By Lisa Madden
Bijoux Extraordinaire Ltd. is not your typical jewelry store. In fact, according to Arthur Anderson, his wife and partner Judith Anderson has been called the Michael Dell of the jewelry industry. "She's the just-in-time jeweler," he jokes.
"Basically, we build things to order for people," she says of the reference to the founder of the giant personal computer manufacturer.
The idea for Bijoux Extraordinaire came about when the couple met and discovered that their combined backgrounds - Judi Anderson is a gemologist and jewelry appraiser, and Art Anderson has a background in business consulting - would be a perfect marriage for a new type of jewelry business which would allow consumers to hire jewelry experts to help them make wise decisions when purchasing fine jewelry and gemstones.
In 1993, the couple went into business, providing five services: jewelry appraisals, custom jewelry design, diamond and gemstone brokering, fine jewelry from selected designers and antique and estate jewelry.
Located in a carriage house adjoining a stately Victorian in Manchester, Bijoux Extraordinaire, which is open by appointment only, features a modest selection of jewelry, a screening room where people can view their diamond enlarged on screen, the lab and, upstairs, a classroom where the Andersons offer workshops and seminars for jewelry enthusiasts in classes they call Bijoux University.
"Our niche is very high quality, on the same level as Cartier and Tiffany's," explains Judi Anderson, "but our philosophy is that through us the customer is putting their money into quality and knowledge, so we try not to keep a huge overhead in order to provide good value."
In 1996 the Andersons launched their Web site - www.jewelryexpert.com - initially so that people could learn more about the services they offer. "This allows people to see what we offer at their own pace," says Art Anderson, "instead of going into a retail store and immediately being pounced on by a sales clerk."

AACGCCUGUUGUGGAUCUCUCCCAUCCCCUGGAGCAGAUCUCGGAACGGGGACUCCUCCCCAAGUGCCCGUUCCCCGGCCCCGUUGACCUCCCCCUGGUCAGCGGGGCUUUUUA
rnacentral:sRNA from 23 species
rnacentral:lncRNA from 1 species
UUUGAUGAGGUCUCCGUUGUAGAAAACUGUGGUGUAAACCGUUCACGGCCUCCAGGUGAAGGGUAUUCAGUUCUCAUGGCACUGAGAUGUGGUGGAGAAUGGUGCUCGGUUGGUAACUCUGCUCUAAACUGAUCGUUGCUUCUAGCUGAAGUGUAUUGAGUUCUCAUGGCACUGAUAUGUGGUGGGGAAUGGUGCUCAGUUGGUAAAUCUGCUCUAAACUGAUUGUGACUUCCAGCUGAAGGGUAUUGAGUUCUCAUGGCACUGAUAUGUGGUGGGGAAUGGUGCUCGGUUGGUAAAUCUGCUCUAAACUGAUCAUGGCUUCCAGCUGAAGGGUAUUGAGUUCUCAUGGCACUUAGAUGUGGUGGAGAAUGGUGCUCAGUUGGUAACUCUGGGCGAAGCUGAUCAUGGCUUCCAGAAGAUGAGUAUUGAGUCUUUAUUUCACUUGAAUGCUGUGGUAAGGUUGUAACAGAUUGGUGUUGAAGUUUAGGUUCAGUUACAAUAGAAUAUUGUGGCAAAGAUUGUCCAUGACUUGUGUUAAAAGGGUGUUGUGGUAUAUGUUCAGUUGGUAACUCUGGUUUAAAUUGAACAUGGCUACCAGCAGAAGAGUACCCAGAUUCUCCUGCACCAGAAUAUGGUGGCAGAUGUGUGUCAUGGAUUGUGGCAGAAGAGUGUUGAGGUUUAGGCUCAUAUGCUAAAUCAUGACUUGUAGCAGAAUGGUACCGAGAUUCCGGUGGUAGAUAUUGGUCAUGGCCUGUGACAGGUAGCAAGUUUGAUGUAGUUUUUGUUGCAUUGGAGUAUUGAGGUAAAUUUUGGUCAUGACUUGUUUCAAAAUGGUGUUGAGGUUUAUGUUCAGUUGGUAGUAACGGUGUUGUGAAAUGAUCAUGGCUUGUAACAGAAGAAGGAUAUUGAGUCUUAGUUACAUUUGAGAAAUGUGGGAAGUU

The Web site is extensive, and it really provides a feel for the various pieces of jewelry. "We started reading about HTML language," says Judi Anderson, "and we've done it all from scratch ourselves, in NotePad. We try to keep it simple and not include all those gimmicky things."
But it is not set up for catalog-type sales. While jewelry that is for sale is featured, the primary purpose of the Bijoux Extraordinaire Web site is to introduce consumers to who they are and what they have to offer.
"The Web site also contributes to our legitimacy," says Art Anderson. "When someone looks at it they will see that it's not thrown together. The content is very important, and we look at navigation from a consumer's point of view - what do they want? I try to put myself in their shoes and be the guy looking for an engagement ring."
Says Judi Anderson: "There are a lot of fly-by-nighters out there, as well as retail stores who rely on the expertise of wholesalers. A lot of stuff goes on in the marketplace, and we really want to help both educate our customers as well as provide them with a high-quality piece of jewelry."
Even a poorly cut diamond is going to sparkle, and that is often the only positive quality the untrained eye can see. Judi Anderson explains that there are the four Cs to consider: carat, color, clarity and cut. "How well that stone is cut from the crystal can cause one diamond to be worth 50 percent more than another," she says, adding with a laugh: "There's a very technical term we use in the business - and that is 'crappy cut.'"
Bijoux Extraordinaire specializes in what she calls "service-based transactions. We do have some inventory here, but most is made to order."
Her husband says that "We don't want to be just another jewelry store and be concerned with security. We like to deal in estate and antique jewelry, and we have the largest appraisal lab in the state."
"As well as the largest collection of 'toys,'" adds his wife. "We're both gadget people and there's all kinds of high-tech stuff in the lab."
Cyber biz glistens
Arthur Anderson says the company's Internet brokering business has been interesting - and profitable. "Last year, the average transaction was $5,000, and this year it's $10,000. We're still selling lots of sizes, but that's the average. Year-to-date the biggest transaction we've done over the Internet is just under $50,000."